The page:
“The separation of investment banking and commercial banking has come to an end,” said Bert Ely, an independent banking consultant.

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Fed OKs Goldman, Morgan as bank holding companies

September 21, 2008

Sunday September 21, 9:53 pm ET

WASHINGTON (Reuters) – The Federal Reserve approved applications on Sunday from Goldman Sachs (GS) and Morgan Stanley (MS) to become bank holding companies, putting them directly under the regulatory supervision of the U.S. central bank, the latest step to restore calm to chaotic financial markets.

To provide increased liquidity to the companies, the Fed agreed to lend to the firms’ broker-dealer subsidiaries on the same terms as the Fed discount window for banks and the central bank’s Primary Dealer Credit Facility lending window for investment banks.

It said it was making the same collateral deals available to the broker-dealer subsidiary of Merrill Lynch (MER).


Govt trading ban could have unintended results

September 19, 2008

Friday September 19, 5:07 pm ET
By Marcy Gordon and Stevenson Jacobs, AP Business Writers

Big SEC step to ban short-selling of financial stocks could have unintended consequences

WASHINGTON (AP) — The government’s unprecedented move Friday to ban people from betting against financial stocks might be a salve for the market’s turmoil but could also carry serious unintended consequences.

In a bid to shore up investor confidence in the face of the spiraling market crisis, the Securities and Exchange Commission temporarily banned all short-selling in the shares of 799 financial companies. Short selling is a time-honored method for profiting when a stock drops.

The ban took effect immediately Friday and extends through Oct. 2. The SEC said it might extend the ban — so that it would last for as many as 30 calendar days in total — if it deems that necessary.

That window could be enough time to calm the roiling financial markets, with the Bush administration’s massive new programs to buy up Wall Street’s toxic debt possibly starting to have a salutary effect by then.

The short-selling ban is “kind of a time-out,” said John Coffee, a professor of securities law at Columbia University. “In a time of crisis, the dangers of doing too little are far greater than the dangers of doing too much.”

But on Wall Street, professional short-sellers said they were being unfairly targeted by the SEC’s prohibition. And some analysts warned of possible negative consequences, maintaining that banning short-selling could actually distort — not stabilize — edgy markets.

Indeed, hours after the new ban was announced, some of its details appeared to be a work in progress. The SEC said its staff was recommending exemptions from the ban for trades market professionals make to hedge their investments in stock options or futures.

“I don’t think it’s going to accomplish what they’re after,” said Jeff Tjornehoj, senior analyst at fund research firm Lipper Inc. Without short sellers, he said, investors will have a harder time gauging the true value of a stock.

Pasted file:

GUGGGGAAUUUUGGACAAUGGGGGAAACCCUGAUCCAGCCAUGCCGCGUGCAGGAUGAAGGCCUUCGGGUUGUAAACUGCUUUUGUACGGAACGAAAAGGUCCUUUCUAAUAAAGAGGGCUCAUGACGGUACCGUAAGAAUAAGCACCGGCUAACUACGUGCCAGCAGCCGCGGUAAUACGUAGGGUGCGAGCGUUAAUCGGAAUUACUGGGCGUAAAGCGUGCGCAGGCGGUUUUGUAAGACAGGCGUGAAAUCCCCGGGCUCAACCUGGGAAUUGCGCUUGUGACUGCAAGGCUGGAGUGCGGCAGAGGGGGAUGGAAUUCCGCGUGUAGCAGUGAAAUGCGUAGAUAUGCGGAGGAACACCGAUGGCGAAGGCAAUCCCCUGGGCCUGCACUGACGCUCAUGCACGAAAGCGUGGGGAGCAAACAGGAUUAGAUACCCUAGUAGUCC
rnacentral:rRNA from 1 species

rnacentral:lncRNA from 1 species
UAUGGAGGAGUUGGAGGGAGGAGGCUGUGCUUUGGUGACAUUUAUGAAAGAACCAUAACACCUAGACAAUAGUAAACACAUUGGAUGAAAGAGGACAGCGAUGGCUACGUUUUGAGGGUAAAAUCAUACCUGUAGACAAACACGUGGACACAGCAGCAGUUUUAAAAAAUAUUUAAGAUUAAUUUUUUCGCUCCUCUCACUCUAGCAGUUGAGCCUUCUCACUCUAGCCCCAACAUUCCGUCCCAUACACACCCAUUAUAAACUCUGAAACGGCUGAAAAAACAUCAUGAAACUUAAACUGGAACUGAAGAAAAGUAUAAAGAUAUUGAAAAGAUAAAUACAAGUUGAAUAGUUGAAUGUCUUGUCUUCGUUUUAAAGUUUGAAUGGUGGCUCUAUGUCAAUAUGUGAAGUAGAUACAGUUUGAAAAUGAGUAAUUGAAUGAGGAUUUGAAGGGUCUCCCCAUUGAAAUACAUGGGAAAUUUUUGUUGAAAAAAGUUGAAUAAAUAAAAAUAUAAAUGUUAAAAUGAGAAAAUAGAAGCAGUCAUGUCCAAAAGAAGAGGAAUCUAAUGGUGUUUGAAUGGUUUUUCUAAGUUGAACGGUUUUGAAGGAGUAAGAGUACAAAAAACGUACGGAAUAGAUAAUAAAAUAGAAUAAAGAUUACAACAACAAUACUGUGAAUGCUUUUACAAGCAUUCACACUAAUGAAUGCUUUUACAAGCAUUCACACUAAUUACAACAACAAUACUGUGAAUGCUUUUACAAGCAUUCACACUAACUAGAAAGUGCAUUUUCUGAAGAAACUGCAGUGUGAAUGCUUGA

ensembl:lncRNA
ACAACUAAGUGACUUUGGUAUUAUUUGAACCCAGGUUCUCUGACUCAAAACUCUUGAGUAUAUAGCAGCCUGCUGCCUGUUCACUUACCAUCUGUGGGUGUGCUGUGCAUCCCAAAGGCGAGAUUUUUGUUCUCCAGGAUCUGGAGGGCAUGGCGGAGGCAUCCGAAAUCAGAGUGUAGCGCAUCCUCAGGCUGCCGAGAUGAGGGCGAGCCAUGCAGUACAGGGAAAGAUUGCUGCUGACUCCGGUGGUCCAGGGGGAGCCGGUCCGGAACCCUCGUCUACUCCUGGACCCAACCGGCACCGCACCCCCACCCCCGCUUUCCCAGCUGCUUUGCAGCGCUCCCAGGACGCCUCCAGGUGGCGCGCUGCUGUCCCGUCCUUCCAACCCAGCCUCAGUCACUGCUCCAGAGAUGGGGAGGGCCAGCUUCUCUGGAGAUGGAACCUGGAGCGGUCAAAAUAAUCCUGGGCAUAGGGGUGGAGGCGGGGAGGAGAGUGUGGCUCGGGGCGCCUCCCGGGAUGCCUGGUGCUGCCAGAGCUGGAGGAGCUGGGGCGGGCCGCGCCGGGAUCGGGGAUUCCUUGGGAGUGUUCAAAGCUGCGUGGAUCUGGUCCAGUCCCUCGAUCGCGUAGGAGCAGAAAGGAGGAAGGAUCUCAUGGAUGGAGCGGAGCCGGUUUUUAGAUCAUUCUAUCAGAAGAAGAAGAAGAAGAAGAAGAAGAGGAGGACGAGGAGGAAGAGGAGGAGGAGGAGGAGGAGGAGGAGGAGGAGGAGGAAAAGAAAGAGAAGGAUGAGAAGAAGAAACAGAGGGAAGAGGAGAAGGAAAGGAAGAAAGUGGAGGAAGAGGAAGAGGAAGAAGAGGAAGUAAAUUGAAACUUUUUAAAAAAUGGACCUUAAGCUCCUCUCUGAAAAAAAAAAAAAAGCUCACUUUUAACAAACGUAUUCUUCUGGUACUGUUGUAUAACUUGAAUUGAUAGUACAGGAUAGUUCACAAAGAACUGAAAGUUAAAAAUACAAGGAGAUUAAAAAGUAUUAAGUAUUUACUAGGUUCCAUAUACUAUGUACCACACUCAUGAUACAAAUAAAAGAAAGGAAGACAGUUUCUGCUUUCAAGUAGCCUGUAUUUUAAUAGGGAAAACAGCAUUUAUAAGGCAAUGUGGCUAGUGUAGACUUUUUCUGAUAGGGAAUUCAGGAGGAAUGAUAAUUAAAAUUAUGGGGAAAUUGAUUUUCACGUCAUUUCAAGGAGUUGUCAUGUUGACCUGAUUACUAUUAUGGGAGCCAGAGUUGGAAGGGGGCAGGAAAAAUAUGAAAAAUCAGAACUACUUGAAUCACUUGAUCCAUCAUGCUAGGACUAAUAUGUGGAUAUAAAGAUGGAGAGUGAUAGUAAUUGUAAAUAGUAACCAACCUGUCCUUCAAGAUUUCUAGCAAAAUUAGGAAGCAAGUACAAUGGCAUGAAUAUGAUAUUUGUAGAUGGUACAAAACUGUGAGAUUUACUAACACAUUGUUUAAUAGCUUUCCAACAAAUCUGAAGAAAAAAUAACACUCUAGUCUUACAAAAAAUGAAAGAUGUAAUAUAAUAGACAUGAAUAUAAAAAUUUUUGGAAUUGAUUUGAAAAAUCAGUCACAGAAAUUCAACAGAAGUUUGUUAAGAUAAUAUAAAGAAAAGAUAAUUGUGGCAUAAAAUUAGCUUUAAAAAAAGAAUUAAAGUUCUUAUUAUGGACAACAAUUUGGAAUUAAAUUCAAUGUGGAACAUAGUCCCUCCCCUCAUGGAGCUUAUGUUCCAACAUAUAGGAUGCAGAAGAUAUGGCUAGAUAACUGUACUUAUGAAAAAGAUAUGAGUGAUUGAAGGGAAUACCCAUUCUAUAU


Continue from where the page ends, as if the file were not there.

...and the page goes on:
“Most people want to be in a stock for the long run and want to see prices go up. Short sellers are useful for throwing water in their face and saying, `Oh yeah? Think about this,'” Tjornehoj said. As a result, restricting the practice could inflate the value of some stocks, opening the door for a big downward correction later.

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Stocks tumble after government bailout of AIG

September 17, 2008

Wednesday September 17, 5:54 pm ET
By Tim Paradis, AP Business Writer

Wall Street sinks again after Fed bails out AIG, Barclays buys Lehman businesses; Dow down 450

NEW YORK (AP) — Wall Street plunged again Wednesday as anxieties about the financial system ran high after the government’s bailout of insurer American International Group Inc. (AIG) and left investors with little confidence in many banking stocks. The Dow Jones industrial average lost about 450 points, giving it a shortfall of more than 800 so far this week.

As investors fled stocks, they sought the safety of hard assets and government debt, sending gold, oil and short-term Treasurys soaring.

The market was more unnerved than comforted by news that the Federal Reserve is giving a two-year, $85 billion loan to AIG in exchange for a nearly 80 percent stake in the company, which lost billions in the risky business of insuring against bond defaults. Wall Street had feared that the conglomerate, which has extensive ties to various financial services industries around the world, would follow the investment bank Lehman Brothers Holdings Inc. (LEH) into bankruptcy. However, the ramifications of the world’s largest insurer going under likely would have far surpassed the demise of Lehman.

“People are scared to death,” said Bill Stone, chief investment strategist for PNC Wealth Management. “Who would have imagined that AIG would have gotten into this position?”